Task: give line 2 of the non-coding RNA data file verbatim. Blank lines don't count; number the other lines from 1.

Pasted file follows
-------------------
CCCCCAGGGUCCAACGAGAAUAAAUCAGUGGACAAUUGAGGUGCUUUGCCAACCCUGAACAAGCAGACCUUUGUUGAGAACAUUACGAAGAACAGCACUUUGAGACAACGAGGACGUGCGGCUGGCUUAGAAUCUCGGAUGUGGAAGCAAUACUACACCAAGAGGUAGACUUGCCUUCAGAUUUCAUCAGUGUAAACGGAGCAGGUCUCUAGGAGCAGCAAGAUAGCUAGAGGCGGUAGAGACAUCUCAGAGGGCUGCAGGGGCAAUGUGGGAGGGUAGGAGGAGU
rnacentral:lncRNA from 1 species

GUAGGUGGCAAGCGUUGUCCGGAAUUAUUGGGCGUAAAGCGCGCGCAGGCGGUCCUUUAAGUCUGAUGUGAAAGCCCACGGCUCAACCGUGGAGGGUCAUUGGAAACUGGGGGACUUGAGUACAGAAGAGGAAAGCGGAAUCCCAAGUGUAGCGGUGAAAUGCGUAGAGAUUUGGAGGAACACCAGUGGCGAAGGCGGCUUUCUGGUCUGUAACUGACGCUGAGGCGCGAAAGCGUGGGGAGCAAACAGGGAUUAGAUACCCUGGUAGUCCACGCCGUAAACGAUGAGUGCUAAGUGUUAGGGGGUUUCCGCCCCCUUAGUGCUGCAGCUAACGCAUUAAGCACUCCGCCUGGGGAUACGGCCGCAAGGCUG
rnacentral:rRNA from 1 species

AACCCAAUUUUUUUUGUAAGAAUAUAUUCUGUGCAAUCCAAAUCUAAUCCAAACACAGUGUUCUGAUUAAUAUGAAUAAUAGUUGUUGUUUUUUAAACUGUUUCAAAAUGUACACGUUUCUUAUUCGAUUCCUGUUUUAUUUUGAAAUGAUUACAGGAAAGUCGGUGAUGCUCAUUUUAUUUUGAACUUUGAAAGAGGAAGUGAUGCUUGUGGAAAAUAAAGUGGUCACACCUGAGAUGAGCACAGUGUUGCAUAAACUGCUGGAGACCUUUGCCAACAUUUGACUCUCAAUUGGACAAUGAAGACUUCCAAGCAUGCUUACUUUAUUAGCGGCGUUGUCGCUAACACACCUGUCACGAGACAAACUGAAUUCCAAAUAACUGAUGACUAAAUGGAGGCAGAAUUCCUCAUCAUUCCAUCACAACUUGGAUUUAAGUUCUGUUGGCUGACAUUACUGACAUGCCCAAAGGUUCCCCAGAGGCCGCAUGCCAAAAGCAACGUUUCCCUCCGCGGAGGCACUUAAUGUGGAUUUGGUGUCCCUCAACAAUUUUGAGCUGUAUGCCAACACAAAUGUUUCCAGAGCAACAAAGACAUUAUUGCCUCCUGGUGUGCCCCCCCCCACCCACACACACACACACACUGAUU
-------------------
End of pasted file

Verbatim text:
rnacentral:lncRNA from 1 species